7. Let S denote the set of all functions from R to R, that is the set of all functions which map real numbers onto real numbers. We write mappings on the write, so xf is the image of the point x under the function f. Given two functions f, g in S, we define their product fg to be the composite function, defined by
xf
g = (xf)g
i.e, to find the image of any point x under f*g, first apply f to x, to obtain xf, and then apply g to xf to get (xf)g.
Then * is a binary product on S. Sets of functions under composition are of the highest importance in algebra.

Let me know how much sense all that makes and we can move on from their.

I’ve self-studied calculus, ordinary and partial differential equation, and a real simple linear algebra text (Elementary Linear Algebra by Anton Rorres). But I haven’t run across this terminology before, is this covered in Real Analysis or something?

In the sentence I quoted above it says a closed algebraic structure with “a” binary operation. Why the “a”? Does this refer to a “composition of two functions” or just any old binary operation?

Why are Sets of functions under compositionof the highest importance in algebra.? Does any of this stuff have to do with vector spaces and the closure axiom? Thanks again for your help, and just ignore me if I ask too many stupid questions. The subtle deeper meanings of absract math tends to ellude me.

:smack: Move on from their what? I can’t believe I wrote that. One day I’ll make a post that makes me look intelligent rather than illiterate.

Firstly, don’t worry, your questions aren’t stupid. These are difficult subjects. Just keep plugging away and keep asking questions when you get stuck and we’ll get there/their/they’re in the end.

Now let’s recap associativity. A product * is associative if, for every choice of a, b and c,
(ab)c = a(bc)
This means that to find the product of a, b and c ( in that order), we have two choices:
(i) Find the product ab. Call it d. The find the product dc.
(ii) Find the product bc. Call it e. Then find the product ae.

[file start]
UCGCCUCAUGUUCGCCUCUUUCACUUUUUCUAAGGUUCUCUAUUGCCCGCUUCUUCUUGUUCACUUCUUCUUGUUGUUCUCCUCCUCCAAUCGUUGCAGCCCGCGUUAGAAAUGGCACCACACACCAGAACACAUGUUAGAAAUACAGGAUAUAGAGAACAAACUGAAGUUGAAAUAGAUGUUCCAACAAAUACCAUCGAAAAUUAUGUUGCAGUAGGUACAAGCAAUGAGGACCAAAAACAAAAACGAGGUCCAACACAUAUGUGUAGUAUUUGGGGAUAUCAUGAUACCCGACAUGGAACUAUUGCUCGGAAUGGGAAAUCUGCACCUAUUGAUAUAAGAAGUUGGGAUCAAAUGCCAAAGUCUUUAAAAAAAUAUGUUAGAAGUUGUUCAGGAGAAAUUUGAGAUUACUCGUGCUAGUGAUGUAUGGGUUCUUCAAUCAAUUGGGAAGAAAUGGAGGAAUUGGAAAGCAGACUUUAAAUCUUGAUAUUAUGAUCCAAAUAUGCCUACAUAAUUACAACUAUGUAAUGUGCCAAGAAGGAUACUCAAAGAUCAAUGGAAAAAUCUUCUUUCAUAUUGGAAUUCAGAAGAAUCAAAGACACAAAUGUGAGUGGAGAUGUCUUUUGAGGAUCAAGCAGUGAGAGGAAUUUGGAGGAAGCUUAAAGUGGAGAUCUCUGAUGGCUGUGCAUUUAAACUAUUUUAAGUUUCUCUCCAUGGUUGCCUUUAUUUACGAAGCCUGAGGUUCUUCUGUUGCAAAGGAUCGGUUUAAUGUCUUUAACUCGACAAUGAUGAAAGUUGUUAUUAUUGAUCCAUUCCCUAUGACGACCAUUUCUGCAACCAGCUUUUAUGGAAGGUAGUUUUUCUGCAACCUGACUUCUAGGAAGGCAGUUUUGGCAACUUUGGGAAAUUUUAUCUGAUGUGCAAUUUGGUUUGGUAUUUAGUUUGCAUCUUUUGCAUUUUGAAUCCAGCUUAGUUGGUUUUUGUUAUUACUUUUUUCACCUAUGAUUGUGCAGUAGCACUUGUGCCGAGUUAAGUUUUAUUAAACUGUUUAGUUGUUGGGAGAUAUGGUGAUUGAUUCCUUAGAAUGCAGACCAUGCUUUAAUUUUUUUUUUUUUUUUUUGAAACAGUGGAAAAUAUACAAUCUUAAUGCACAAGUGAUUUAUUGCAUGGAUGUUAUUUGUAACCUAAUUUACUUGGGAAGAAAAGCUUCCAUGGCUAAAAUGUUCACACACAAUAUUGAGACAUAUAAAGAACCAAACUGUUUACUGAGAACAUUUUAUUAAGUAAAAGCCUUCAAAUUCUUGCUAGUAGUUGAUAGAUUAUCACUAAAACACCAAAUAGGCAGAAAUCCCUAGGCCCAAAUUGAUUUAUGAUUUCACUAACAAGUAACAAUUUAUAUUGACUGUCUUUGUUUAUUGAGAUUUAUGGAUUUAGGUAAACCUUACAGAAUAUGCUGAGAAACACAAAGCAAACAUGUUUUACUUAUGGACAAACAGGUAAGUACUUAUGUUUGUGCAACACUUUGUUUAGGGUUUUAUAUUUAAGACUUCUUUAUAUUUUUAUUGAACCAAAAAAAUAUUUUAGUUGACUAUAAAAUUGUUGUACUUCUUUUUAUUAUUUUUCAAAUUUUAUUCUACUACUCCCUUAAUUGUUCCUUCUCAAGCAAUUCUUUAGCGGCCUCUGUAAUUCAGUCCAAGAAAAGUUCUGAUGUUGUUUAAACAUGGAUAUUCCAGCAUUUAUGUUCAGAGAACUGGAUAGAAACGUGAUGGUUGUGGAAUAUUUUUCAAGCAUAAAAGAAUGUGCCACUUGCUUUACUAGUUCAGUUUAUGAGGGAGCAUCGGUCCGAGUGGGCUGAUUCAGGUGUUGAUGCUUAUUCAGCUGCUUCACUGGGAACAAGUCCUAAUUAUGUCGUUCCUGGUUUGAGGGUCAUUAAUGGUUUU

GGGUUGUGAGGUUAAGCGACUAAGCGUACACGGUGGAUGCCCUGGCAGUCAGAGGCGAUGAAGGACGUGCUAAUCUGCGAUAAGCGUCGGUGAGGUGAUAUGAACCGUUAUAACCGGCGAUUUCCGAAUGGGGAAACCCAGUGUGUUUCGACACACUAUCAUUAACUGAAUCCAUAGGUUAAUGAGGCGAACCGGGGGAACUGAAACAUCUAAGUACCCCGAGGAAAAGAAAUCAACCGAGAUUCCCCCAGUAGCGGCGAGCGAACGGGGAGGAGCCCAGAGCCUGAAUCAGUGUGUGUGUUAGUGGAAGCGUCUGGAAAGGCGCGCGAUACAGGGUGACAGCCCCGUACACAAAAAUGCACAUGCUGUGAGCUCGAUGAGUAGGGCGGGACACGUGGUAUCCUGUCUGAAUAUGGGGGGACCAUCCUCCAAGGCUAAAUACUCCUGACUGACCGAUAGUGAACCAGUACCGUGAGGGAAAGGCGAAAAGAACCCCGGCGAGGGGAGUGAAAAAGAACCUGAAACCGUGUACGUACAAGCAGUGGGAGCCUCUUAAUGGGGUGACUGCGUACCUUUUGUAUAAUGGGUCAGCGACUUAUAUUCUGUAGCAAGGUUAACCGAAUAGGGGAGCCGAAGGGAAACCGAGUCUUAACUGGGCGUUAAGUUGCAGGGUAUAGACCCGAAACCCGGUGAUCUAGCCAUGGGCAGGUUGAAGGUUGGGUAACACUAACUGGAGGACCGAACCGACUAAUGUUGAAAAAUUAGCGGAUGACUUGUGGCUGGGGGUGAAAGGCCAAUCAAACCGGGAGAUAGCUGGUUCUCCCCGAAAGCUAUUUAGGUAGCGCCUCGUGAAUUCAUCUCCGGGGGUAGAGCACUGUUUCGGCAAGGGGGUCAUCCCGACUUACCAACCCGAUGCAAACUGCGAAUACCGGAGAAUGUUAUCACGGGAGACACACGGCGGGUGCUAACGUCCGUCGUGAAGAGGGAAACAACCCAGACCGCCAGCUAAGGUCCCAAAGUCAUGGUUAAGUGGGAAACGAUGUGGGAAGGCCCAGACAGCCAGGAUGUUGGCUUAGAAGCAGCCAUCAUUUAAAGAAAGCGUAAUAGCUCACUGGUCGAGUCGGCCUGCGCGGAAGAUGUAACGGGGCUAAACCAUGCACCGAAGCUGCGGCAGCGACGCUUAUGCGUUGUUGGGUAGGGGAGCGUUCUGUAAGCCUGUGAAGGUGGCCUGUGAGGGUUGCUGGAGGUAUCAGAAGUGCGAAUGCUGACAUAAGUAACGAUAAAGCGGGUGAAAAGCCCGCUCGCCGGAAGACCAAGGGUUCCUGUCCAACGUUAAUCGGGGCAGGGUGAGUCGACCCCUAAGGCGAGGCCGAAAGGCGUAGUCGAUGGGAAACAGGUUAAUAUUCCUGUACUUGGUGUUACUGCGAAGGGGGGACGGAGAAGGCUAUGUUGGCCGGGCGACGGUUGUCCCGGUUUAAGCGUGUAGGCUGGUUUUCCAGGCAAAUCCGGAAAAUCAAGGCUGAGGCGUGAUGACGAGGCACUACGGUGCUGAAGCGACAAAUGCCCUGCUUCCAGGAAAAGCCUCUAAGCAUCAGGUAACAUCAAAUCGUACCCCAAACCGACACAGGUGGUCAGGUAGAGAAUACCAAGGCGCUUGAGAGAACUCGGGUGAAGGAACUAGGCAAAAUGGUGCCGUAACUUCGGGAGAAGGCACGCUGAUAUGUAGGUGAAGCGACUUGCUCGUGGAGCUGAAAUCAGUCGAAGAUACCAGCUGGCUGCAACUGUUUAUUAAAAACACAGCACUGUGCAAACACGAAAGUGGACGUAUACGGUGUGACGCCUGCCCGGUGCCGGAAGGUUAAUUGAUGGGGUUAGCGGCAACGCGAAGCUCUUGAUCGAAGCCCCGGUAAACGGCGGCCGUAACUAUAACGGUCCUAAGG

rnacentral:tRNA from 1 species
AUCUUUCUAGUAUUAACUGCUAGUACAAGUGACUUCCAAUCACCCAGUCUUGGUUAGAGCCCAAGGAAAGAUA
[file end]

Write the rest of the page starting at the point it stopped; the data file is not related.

The associative law says that these two products will be equal.

To relate this to the earlier examples:
1/2/3) Addition and multiplication are associative.
4) Not associative: (a/b)/c is in general not equal to a/(b/c)
5)Not associative: (a - b) - c is not equal to a - ( b - c) in general.
6) Associative
7) Associative

A product * is called commutative if, for every a and b,
ab = ba
Associativity and commutativity are quite independent. In example 6, matrix multiplication is associative but not commutative. You cannot change the order of terms in a product unless * is commutative.

The operation of taking the composite of functions is associative. When we consider a set of functions it is almost always composition that we have in mind for the product. When using this as our product, we must take particular care to check that closure holds. So the force of the sentence you quoted in your OP is that the composition of two Lorentz transformations is again a Lorentz transformation. I would assume that this was proved just before the part you quoted, and that this is the “This” at the beginning of the quotation.

For the use of the word “a”, I would read the sentence as:
closed algebraic structure with ( a binary operation which is associative)
The “closed” is just the point I made in example 5 of my second post. The product of two elements of S again lies in S. The sentence is stressing that the product is associative.

Finally, you asked why sets of transformations are important. This comes from group theory. There is a result, called Cayley’s Theorem, which says that every group is isomorphic to a group of transformations ( that is 1-to-1 correspondences on a set).